To provide context for our analyses, we focus on the spread of SARS-CoV-2 within the California prison system between April 2020 and February 2021 for choosing the remaining parameters. Based on current literature for SARS-CoV-2, we assume an average latent period of three days (i.e. time between the occurrence of infection and the onset of infectiousness), and an average infectious period of seven days [24–28] We assume that 75% of infections produce symptomatic disease. [29] The prevalence of infection in the staff, the average daily number of staff contacts each resident has, and the probability that an infected staff member transmits disease to a resident during a contact are estimated as 0.01%, 10 and 1% respectively based on a combination of community dynamics and the empirical observation of relatively frequent outbreaks occurring in the CDCR institutions. [30] The average population size of the 35 CDCR prisons was about 3,300 at the beginning of 2020. [31] Meanwhile prisons typically consist of multiple buildings, that have a degree of independence. Thus, to approximate a single congregate population, we choose a population size of 1,000 for our analyses. Since our analyses focuses mostly on the relative rather than absolute impact of control interventions, the exact proportion of infections that are symptomatic and the specific size of the modeled populations are of secondary importance.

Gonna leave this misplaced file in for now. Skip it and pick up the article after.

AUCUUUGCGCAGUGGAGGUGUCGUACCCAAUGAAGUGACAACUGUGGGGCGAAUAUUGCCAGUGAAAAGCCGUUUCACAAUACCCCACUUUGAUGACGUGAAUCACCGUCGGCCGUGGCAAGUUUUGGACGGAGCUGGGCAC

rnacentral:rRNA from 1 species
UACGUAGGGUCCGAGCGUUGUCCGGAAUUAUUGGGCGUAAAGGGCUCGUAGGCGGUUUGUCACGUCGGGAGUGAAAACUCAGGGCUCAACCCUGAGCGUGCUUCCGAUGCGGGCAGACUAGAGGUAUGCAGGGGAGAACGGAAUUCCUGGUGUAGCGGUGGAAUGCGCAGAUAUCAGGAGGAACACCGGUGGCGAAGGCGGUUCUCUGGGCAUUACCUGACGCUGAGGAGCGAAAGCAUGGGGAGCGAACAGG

Numerous studies have shown that respiratory diseases often exhibit superspreading behavior, characterized by a dispersion parameter for the negative binomial offspring distribution that is less than one. [13] Recent studies indicate that SARS-CoV-2 follows this pattern. Thus we assume a value of 0.2 for the dispersion parameter, *k*, utilized in our calculation for the probability that a single introduction of infection will lead to a disease outbreak. [32–34]